Yemen political parties to agree prisoner swap terms ‘within days’ as UK pledges millions to shore up peace deal

Jeremy Hunt says £2.5m cash injection will help UN peace plan in the Red Sea city of Hodeidah 

Bel Trew
Middle East Correspondent
Wednesday 23 January 2019 23:10 GMT
Yemeni Shia Houthi rebel fighters in Hodeidah last month
Yemeni Shia Houthi rebel fighters in Hodeidah last month (Getty)

Yemen’s warring factions are set to agree a key prisoner swap within the next 10 days, local officials have said, as the UK government announced £2.5m of funding to bolster the United Nations peace process there.

The prisoner exchange was first tabled in talks in Sweden last month as part of confidence-boosting measures to push forward UN-led talks between the Houthi rebels and the Gulf-backed recognised government which had ground to a halt.

The UN hopes the exchange will pave the way for a concrete ceasefire deal in the strategic Red Sea city of Hodeidah, which should see both sides withdraw from the port and hand over control to local authorities and UN monitors.

On Wednesday Hadi Haig, head of the Yemen government delegation, said that he expected the final signing of the prisoner swap to take place “within 10 days” after talks last week in Jordan.

The International Committee of the Red Cross (ICRC), that is set to oversee logistics, added that it hoped to see “progress in the coming days” and urged the warring parties not to let the opportunity slip away.

In a statement the aid group said that it was planning for the swap by increasing staff numbers, arranging medical support and preparing two planes to carry detainees between rebel-held Sana’a and Sayoun, a town under the control of the government.

The UK, meanwhile, pledged millions of pounds to help shore up the plan, saying the additional funds will bolster the UN’s monitoring mission on the ground in Hodeidah and in the ports of Salif and Ras Isa, providing a lifeline for food and supplies.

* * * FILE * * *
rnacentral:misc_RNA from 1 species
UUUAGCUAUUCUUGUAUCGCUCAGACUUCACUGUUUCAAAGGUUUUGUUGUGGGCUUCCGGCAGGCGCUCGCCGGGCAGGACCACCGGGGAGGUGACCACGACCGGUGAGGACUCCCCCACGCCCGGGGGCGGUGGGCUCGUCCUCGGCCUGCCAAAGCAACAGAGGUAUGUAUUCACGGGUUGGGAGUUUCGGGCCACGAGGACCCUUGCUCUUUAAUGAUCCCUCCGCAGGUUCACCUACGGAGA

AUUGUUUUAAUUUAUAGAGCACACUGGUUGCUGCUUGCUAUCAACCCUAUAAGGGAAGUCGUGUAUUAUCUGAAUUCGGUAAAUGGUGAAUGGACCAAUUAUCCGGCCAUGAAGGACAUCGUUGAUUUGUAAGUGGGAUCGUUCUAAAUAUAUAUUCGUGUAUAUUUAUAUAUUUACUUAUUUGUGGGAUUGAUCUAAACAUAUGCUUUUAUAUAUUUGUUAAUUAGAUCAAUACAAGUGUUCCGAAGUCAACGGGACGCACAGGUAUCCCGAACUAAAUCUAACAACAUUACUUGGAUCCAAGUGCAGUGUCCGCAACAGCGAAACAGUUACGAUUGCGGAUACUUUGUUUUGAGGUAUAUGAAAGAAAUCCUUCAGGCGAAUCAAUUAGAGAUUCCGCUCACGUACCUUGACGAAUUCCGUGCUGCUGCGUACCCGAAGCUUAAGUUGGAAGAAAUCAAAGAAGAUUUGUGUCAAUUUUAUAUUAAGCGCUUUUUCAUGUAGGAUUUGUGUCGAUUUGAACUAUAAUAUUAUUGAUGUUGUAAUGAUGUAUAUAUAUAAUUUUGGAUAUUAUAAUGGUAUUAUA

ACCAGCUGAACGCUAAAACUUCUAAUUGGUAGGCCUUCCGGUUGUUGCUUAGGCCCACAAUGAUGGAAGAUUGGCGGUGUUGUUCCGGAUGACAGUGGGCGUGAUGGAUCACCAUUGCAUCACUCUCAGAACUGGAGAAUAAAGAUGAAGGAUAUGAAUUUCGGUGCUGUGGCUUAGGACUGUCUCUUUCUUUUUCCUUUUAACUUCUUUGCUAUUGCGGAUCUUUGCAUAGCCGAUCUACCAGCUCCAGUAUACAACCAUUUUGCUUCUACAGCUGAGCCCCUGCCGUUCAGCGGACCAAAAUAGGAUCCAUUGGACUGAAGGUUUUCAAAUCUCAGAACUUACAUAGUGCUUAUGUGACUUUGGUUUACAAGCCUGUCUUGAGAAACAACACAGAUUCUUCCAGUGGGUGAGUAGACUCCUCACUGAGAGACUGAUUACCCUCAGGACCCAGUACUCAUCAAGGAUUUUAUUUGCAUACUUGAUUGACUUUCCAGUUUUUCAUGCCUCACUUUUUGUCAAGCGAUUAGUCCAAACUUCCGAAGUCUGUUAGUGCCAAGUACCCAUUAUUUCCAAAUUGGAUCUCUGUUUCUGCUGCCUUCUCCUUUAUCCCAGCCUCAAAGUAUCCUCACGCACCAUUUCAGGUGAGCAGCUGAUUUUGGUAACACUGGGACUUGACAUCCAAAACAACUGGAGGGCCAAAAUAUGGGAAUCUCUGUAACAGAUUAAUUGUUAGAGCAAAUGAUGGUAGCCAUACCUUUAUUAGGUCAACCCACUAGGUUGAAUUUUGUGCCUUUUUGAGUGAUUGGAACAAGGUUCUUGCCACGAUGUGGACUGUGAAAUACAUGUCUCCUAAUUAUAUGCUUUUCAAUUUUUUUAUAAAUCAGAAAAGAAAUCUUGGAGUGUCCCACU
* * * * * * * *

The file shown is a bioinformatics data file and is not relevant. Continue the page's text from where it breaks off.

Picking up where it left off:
Foreign secretary Jeremy Hunt said the British government had made the decision as the agreements hammered out in Stockholm were the “best chance of securing long term peace”.

“Yemen is the world’s worst humanitarian crisis. Up to 20 million Yemenis lack reliable access to food and over 400,000 children under the age of 5 suffer severe acute malnutrition. This is a man-made humanitarian catastrophe and it will have man-made solutions,” he said on Tuesday.

He added: “Last week’s Security Council vote and today’s announcement of an additional £2.5m UK funding are an instrumental part of that process, and we will continue to bolster the UN special envoy’s work where possible over the coming months.”

The money will also fund landmine removal, the Foreign Office said.

The UN has struggled to implement the withdrawal from Hodeidah as the warring parties disagree over who should control the city. A tense truce has largely held in the city but fighting has flared in other parts of the country.

Late on Wednesday Saudi Arabia coalition warplanes targeted a Houthi military training camp south of Sana’a, Saudi media reported. It is the latest airstrike on sites in the rebel-held capital following a Houthi drone attack on a government military parade earlier this month.

Fighting has ripped apart Yemen since 2014 when the Iran-backed Houthis swept control of the country, ousting the recognised president Abed Rabbo Mansour Hadi.

Saudi Arabia and its Gulf neighbours launched a bombing campaign to reinstate their ally Mr Hadi, but four years on the fighting has shown little sign of ending.

The conflict has sparked the world’s worst humanitarian crisis in terms of numbers, with over two-thirds of the population relying on aid to survive. The UN warned last year that more than 13 million people could die from starvation.

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